How to Take Care of a Pig
1 April, 2014
If you are thinking of bringing a pig into your home, there are some basics that you need to know to make your pig thrive. Pigs can be great pets and provide your home with joy and liveliness. However, if you have very young children, it might not be the best pet for your homes as pigs can be confusing and intimidating to young kids. Yet, with the proper housing and a clean environment, your pig can thrive and become a great part of your family.
Build an enclosure for your pig
First, you will need to design and build the correct enclosure for your pig. You should determine if you are going to build a house for your pig so it can escape the rain and cold weather. Remember, a pig has very little hair, and it is sensitive to heat and cold in the same way a human would be.
Try to design the enclosure so that the pig can keep clean. Pigs are not as filthy as most people think and they need separate areas for sleeping, relieving themselves, eating and playing. While pigs do like to roll around in mud, it’s usually to keep cool on a hot day.
Cover the ground inside the enclosure with plenty of straw, leaving just enough dirt uncovered for a little mud. Straw can help to absorb the odors of urine and feces and provide warmth for pigs as they sleep. Build your enclosure from sturdy materials. Pigs can dig under fences and push over flimsy walls in just a few minutes if properly motivated.
How to feed your pig
You should feed your pig a combination of grains and protein. Pigs love corn, barley, wheat; the rest of his or her diet should consist of protein-rich foods, such as dairy products like cottage cheese, whey, yogurt, milk powder or even ice cream. They also like fruits and vegetables.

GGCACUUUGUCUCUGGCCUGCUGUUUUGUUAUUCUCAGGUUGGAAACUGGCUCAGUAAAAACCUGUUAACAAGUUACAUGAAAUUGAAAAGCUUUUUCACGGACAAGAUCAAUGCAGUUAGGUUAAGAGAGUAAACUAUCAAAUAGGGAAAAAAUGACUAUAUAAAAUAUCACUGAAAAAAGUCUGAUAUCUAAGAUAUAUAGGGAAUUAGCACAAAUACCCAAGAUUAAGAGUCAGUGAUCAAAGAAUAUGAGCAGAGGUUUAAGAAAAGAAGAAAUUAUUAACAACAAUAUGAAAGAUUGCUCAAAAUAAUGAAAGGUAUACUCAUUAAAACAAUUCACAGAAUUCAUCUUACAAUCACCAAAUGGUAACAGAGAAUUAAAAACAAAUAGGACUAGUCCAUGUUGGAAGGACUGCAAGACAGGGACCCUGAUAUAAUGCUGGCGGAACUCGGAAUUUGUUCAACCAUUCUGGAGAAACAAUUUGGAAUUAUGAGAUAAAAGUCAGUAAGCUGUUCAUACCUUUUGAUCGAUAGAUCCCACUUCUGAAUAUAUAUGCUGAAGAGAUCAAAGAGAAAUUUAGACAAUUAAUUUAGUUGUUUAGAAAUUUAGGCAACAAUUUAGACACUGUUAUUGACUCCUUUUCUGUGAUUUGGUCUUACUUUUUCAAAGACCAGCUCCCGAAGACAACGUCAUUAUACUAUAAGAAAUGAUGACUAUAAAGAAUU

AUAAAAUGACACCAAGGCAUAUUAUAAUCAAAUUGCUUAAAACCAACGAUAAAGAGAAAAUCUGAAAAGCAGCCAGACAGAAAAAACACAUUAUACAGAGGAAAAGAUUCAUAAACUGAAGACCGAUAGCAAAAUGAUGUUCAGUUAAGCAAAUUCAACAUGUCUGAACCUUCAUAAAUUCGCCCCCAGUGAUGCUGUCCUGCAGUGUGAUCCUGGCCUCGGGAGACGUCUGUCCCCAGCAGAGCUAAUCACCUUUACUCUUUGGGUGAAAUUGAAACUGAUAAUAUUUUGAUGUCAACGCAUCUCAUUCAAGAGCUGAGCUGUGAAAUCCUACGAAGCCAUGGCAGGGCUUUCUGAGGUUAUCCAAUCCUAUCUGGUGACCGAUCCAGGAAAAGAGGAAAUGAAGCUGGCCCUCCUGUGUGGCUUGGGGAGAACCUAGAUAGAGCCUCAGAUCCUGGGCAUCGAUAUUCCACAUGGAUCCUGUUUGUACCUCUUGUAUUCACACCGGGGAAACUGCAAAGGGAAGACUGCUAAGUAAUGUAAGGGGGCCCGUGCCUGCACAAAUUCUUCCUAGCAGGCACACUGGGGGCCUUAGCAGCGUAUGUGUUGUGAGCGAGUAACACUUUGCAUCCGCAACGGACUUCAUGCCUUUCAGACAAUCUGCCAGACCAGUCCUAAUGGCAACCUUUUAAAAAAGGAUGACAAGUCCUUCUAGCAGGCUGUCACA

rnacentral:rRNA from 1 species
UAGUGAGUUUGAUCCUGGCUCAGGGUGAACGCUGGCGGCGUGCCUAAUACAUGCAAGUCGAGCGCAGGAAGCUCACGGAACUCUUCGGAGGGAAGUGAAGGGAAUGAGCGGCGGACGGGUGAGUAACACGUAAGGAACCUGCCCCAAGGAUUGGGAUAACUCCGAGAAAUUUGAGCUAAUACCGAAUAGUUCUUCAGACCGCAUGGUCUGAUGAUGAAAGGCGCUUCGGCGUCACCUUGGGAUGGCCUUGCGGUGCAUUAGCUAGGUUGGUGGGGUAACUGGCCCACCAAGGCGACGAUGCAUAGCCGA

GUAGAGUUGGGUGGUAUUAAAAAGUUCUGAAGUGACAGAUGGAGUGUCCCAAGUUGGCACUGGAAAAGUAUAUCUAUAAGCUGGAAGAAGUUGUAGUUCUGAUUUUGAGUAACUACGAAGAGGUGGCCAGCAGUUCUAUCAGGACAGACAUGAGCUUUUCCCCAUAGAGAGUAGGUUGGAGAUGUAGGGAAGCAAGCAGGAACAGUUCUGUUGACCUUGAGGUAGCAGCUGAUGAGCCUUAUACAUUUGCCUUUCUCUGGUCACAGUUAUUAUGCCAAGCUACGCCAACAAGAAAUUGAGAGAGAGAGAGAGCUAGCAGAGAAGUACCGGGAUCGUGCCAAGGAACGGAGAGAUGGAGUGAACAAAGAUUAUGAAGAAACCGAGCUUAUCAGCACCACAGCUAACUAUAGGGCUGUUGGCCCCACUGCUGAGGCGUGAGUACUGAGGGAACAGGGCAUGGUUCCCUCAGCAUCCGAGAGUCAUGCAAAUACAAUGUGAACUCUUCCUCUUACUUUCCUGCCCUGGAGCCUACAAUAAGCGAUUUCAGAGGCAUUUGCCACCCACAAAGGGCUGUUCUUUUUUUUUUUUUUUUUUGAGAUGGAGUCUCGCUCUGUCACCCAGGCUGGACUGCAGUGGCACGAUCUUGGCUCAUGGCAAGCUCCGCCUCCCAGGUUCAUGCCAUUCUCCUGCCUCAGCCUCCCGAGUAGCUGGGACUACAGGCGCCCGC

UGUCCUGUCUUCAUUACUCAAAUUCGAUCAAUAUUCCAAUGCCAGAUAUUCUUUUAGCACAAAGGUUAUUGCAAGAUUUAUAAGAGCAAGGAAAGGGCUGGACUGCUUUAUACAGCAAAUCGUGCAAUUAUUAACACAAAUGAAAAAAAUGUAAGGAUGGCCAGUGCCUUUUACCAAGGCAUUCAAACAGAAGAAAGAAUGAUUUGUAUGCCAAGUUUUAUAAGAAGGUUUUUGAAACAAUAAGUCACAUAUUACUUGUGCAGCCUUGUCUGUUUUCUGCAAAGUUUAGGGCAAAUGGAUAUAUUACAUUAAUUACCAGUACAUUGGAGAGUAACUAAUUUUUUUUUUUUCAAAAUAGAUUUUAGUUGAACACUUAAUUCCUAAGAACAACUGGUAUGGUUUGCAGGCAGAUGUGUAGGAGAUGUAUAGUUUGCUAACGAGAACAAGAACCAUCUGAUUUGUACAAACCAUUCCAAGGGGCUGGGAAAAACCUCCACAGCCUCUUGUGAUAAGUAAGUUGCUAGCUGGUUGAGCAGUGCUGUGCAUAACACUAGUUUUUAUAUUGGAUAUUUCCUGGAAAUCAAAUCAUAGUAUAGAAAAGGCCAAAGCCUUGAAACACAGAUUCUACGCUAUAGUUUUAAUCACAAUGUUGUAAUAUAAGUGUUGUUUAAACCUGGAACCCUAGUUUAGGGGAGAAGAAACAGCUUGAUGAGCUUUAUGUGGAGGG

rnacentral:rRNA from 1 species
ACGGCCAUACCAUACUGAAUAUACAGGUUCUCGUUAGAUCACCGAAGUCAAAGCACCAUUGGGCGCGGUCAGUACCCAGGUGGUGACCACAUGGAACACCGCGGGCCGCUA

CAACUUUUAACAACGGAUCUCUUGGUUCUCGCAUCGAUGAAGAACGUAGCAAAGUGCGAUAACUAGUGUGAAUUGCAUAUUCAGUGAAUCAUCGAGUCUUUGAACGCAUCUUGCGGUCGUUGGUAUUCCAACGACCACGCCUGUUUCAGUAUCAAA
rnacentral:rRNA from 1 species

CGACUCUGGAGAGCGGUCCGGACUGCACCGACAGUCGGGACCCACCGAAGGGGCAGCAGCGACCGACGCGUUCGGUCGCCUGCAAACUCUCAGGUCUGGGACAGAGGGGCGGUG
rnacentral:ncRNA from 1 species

Provide plenty of fresh water for your pig, ensuring that you replace the water daily to prevent parasites or insects from getting inside the water bowl or bucket.
Create a separate sleep spot
Make sure your pigs have their own dry and sheltered sleeping spot where they can enjoy hay as their bedding. Piglets burrow into a deep litter of hay to stay warm. An adult pig will be satisfied with wood shavings (not sawdust).
Pigs love human connection and/or touch
Scratch your pig on its back or belly. Pigs loved to be scratched and often scratch themselves against anything that doesn’t move. Excessive scratching, however, could indicate a disease or insect bites. If this is the case, take your pig to a veterinarian that knows how to care for pigs.
Most pigs don’t like their feet touched. If you need to trim your pig’s hooves, it’s best to scratch its stomach first to get it to relax a bit.
Make sure to play with your pig
You should play with your pig and give him toys, such as buckets, balls and chew toys. Pigs are very playful animals, but they get bored quickly so rotate the toys on a regular basis.
Pigs are smart and curious creatures
Remember that pigs are very smart and curious. Once they learn how to do something (pull up the carpet, open the fence door, and so on) they won’t forget, and you need to stay one step ahead of them. They can also be very sneaky and might try to manipulate you to get their way. So, keep an eye on them to make sure they don’t get out or do something that you might not like!
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